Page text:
WASHINGTON (June 29, 2005) — The pros and cons of the Motor Vehicle Owners' Right to Repair Act were debated once again before a House Small Business subcommittee.
Dennis Houska, a Fort Collins, Colo., auto repairer representing the Coalition for Auto Repair Equality, said the National Automotive Service Task Force (NASTF)—the organization created by the September 2002 repair information-sharing agreement made between the Automotive Service Association and major auto makers—doesn't ensure timely or reasonably priced repair information. “I have had technicians attempt to navigate that site, and it takes so long with no results, we end up having to turn away that business,” Mr. Houska said.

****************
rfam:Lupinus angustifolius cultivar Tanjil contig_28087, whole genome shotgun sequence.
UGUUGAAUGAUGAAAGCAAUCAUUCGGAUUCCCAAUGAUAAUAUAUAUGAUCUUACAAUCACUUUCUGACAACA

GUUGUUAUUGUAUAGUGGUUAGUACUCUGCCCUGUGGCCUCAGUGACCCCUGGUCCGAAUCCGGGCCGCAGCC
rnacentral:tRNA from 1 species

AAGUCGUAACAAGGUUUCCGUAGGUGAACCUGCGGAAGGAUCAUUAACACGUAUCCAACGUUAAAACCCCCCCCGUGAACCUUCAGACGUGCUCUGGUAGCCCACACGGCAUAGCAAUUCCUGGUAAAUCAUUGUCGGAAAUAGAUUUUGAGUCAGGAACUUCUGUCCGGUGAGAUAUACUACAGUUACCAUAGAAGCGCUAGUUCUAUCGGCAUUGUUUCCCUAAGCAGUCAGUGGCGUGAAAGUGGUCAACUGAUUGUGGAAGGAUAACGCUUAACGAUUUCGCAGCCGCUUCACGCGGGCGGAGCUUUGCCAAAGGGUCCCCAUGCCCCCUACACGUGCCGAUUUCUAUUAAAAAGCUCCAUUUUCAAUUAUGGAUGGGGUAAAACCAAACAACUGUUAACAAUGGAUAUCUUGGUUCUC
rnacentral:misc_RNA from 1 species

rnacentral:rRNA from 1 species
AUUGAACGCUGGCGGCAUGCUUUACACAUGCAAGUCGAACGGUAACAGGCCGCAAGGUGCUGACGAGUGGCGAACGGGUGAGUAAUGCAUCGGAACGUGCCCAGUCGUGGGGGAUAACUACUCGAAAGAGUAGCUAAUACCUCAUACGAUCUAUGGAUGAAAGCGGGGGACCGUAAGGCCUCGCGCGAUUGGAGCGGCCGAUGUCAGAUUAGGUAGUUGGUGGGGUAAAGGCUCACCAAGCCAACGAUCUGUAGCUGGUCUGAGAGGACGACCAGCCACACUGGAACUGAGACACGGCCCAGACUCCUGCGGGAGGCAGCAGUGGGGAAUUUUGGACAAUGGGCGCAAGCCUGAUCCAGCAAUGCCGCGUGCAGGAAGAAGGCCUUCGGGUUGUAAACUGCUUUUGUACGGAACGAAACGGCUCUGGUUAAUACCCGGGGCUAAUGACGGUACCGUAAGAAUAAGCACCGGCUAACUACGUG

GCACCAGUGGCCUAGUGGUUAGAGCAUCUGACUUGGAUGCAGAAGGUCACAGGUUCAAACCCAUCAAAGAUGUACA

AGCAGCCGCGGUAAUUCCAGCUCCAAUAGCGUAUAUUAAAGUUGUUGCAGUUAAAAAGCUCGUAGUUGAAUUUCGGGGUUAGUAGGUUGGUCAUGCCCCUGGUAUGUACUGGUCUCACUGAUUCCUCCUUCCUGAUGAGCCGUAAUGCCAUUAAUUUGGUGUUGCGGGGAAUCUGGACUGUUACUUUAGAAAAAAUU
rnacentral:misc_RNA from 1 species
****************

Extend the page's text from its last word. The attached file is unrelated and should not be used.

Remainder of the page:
But NASTF Chairman John Cabaniss insisted the program was working, and held that the Right to Repair Act would only create a new layer of federal bureaucracy for auto repairers.
In written testimony, Roy Littlefield, executive vice president of the Tire Industry Association (TIA), said it made no sense for auto makers to oppose legislation that turns what they already swore to do into federal law. “The fact that these manufacturers oppose this legislation causes TIA to question their commitment to the agreement and forces us to keep supporting the legislation,” he said.